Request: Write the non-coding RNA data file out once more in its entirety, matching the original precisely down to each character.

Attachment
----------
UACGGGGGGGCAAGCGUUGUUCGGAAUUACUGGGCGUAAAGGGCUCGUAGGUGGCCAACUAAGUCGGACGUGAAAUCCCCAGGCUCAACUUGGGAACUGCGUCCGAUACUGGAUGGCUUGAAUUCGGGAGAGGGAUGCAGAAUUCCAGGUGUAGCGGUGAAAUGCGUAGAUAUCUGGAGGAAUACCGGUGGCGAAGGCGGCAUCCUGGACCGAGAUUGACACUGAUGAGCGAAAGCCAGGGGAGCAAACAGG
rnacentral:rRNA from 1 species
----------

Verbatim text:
UACGGGGGGGCAAGCGUUGUUCGGAAUUACUGGGCGUAAAGGGCUCGUAGGUGGCCAACUAAGUCGGACGUGAAAUCCCCAGGCUCAACUUGGGAACUGCGUCCGAUACUGGAUGGCUUGAAUUCGGGAGAGGGAUGCAGAAUUCCAGGUGUAGCGGUGAAAUGCGUAGAUAUCUGGAGGAAUACCGGUGGCGAAGGCGGCAUCCUGGACCGAGAUUGACACUGAUGAGCGAAAGCCAGGGGAGCAAACAGG
rnacentral:rRNA from 1 species